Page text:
Garlic is linked to a variety of benefits, including reduced blood pressure and heart disease risk. Adding a garlic supplement to your routine (or eating fresh garlic) may help lower your blood pressure naturally.
In fact, in a review of 12 studies, garlic supplements reduced systolic and diastolic blood pressure by an average of 8.3 mmHg and 5.5 mmHg, respectively. The researchers estimated that this reduction may help decrease your risk of stroke, heart attack, and coronary artery disease by up to 40%.
Fish oil may improve heart health by reducing blood lipid levels, inflammation, and high blood pressure. Studies show that those with high blood pressure may benefit from high-dose fish oil supplements.
In one review, taking the omega-3 fats EPA and DHA, including fish oil supplements, showed 4.51 and 3.05 mmHg reductions in systolic and diastolic blood pressure, respectively, in people with high blood pressure who weren’t on medications.
What’s more, research notes higher blood levels of omega-3s may protect against getting high blood pressure. If you are following the American Heart Association’s DASH (diet to stop hypertension) eating plan, the diet naturally incorporates omega-3 rich fats 3 times per week. Talk to your Dietitian or Health Coach to ensure that you are following the DASH diet fully.
Athletes often take beetroot supplements to boost exercise performance because this root vegetable improves blood flow and oxygen delivery to your muscles. Beetroot supplements have been shown to reduce blood pressure in both people with and without high blood pressure in a couple research studies (1, 2).
Vegetables have many powerful effects on the blood, especially when you eat a variety of them, regularly. Research suggests that eating ½ cup of beets can have blood pressure lowering effects just 1 hour later. Want to give it a try?
A review of 11 studies revealed that 1/2 cup of beets or 4oz beetroot juice lowered blood pressure levels in people with and without this condition. Ironically, if you are shopping in bulk, it may end up costing the same amount to eat beets as to take a supplement.
Research suggests that high-dose ginger supplements may help lower high blood pressure.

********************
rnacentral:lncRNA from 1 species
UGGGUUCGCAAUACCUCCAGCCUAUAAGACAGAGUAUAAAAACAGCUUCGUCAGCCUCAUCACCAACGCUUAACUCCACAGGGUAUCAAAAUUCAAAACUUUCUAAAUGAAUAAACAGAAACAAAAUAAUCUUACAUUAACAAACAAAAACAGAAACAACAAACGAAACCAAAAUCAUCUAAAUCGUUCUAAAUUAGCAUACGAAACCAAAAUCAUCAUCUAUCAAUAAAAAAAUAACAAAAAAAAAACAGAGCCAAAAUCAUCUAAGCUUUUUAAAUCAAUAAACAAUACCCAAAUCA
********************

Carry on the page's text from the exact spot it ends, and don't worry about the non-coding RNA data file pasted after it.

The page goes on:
A review of 6 studies found that, when 3 grams or more per day is taken, ginger supplements significantly reduced blood pressure in people under 50 years old. While another study has also shown lower triglycerides and fasting blood sugar, not enough evidence prevails to support widespread supplementation.
L-arginine is an amino acid that may lower blood pressure levels when taken as a supplement.
An umbrella review of 7 meta-analyses in 4,676 people demonstrated that L-arginine supplements significantly reduced total blood pressure in people with high levels, as well as diastolic blood pressure in pregnant women with high levels. Furthermore, the review found that L-arginine supplements significantly improved blood vessel function and blood flow.
There are also several that may be anecdotal and have not been proven by science and research to lower blood pressure. Please take note of these. If they taste good to you, then it may be fine to try them. But if your goal is to lower blood pressure, then the supplements below may not help.
While several supplements may lower blood pressure levels, it doesn’t mean that every supplement is safe. It’s important to know that many supplements may interact with common drugs, including blood pressure medications. While this may not be a full list of every supplement rumored to help your blood pressure, one thing is clear - the majority of these supplements are found naturally in foods. By eating a well-rounded diet that is rich in fruit and vegetable variety, you will likely reach the same or better effect as spending your money on supplements.
Always talk to your Dietitian about ways you can improve your diet to lower blood pressure naturally, without supplements, and consult your healthcare provider before adding any supplement to your routine. Your healthcare provider can help you determine a safe and effective dose based on your needs.